batteries like this (400 Wh/kg) are what is needed for the next wave of larger-scale vehicles. Especially if they are cheaper.

With that kind of energy storage and if they are stable enough to not flare out or burn when punctured or overcharged (they didn’t talk about that above) – then it’s time to get the real gas-hogging vehicles like the Chevy Suburbans and Tahoes running on batteries.

There are 300 wh/kg CAPACITORS out there.

so 400 wh/kg batteries are nothing special. I would rather have capacitors

WIth a power density of 0.47W/kg, I’m not impressed with those capacitors.

I’d argue that 400Wh/kg in most certainly something special, since it’s 2.5x better than what we have today, it’s viable, and it’s cost effective.

0.47KILO w/kg not 0.47w/kg

470 W/kg is also not that great.
Imagine a Chevy Volt and its 16 kWh battery.
With 300 Wh/kg, then you have a 53 kg battery.
53 kg * .47 W/kg = 25KW of output from a battery like the Volt. That is what, 32 horsepower? Not nearly enough for an EV drive.

Power performance during acceleration needs to be about 5C-6C during acceleration.

What may be good is something that is designed around the Deka UltraBattery which is both an ultracapacitor and a battery together in one cell. They are using them for experiments for grid demand-response storage systems now. But, the battery part is lead-acid AGM.

Should read above:
53 kg * .47 KW/kg = 25KW

I think you might be confusing power density (kWh/kg) with energy density (kW/kg). I can’t find any mention of power density in the article — but admittedly I might be missing something.

My bad. Of course I meant power density (kW/kg) and energy density (kWh/kg). Sorry.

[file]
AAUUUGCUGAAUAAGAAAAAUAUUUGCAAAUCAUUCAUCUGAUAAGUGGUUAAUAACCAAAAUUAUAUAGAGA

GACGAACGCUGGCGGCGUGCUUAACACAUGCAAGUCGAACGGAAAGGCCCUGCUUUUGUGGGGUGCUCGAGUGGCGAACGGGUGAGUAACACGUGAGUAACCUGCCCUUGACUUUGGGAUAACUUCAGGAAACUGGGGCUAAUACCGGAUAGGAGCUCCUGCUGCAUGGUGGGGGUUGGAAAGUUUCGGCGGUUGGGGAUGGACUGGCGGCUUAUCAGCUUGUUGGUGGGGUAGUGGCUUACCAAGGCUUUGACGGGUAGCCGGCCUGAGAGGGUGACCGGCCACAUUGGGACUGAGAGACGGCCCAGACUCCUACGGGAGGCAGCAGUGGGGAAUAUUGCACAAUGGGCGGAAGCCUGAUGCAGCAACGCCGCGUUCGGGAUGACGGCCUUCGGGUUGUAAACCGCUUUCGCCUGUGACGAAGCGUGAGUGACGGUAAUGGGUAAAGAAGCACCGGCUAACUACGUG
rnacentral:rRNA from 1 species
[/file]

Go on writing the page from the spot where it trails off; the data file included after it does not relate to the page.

“According to U.S. Patent Application 20100008021, a capacitance value of 2200 F g-1 of polyaniline was obtained at a power density of 0.47 kW kg.sup.-1 and an energy density of 300 Wh kg-1.”

Yeah, I read the power density wrong, but I’m still not impressed here. I mean, a link to a research paper on some capacitors doesn’t really compare to batteries that are nearing production. JMHO though.

When (and where) were these comments made, precisely?

I’m not sure who or what to believe either, Anton. Some sources say Envia is doing great. Others are saying they are nearly defunct. I have to wonder that when you hear next to nothing from a company, is there something wrong? I’m hoping that’s not the case.

Sujeet, who is the founder of Envia, is extremely dishonest, he would, lie to hype his junk, let’s face it, folks from GM battery lab says the battery life, reliability (the battery tend to swell) is a huge issue which may not be solved before 2020. Of course, GM is the biggest lier, their folks told them back in 2007 that the sales of Chevy Volt would be extremely poor and they would lose billions,


I would tend not to believe someone who cannot even spell “liar” correctly.

Well, I have been told that a lot of the Indian culture does include lying as a part off common interaction. (heck, I work in IT and can vouch for some of it). Today, during an interview, we asked a guy a question he had to answer by reading his resume to tell us what he did at a job 5 years ago. Everyone should tell the truth – it’s far less to have to remember.

Is he lying? Who knows. Let it come about but posting about this on various forums is dumb and also libelous.

It’s a lie that non-Envia cathodes will all cause thermal runaway. The A123 batteries using LiFEPO4 (now B456) will not do that. I don’t think any modern day LiFEPO4 will burn if punctured.

A Volt with a 100miles range? Heck, once the batteries are that good (soon?) I’d rather just make the battery a little bigger (maybe 150miles) and delete the gasoline engine altogether.

Ultimately it will come down to an equation of how much does the range extender cost vs. how much does the extra battery cost. I bet a cheap range extender that produces 30kw would be a good solution for a PHEV with 100 miles EV range. It would be used very infrequently.

But yeah, I suspect the PHEV will die in favor of the pure battery electric if these batteries live up to the claims of both energy density, reliability, and reduced cost.

“Imagine a Chevy Volt with 100 miles of electric range!!!”

That statement shows the lack of imagination 😉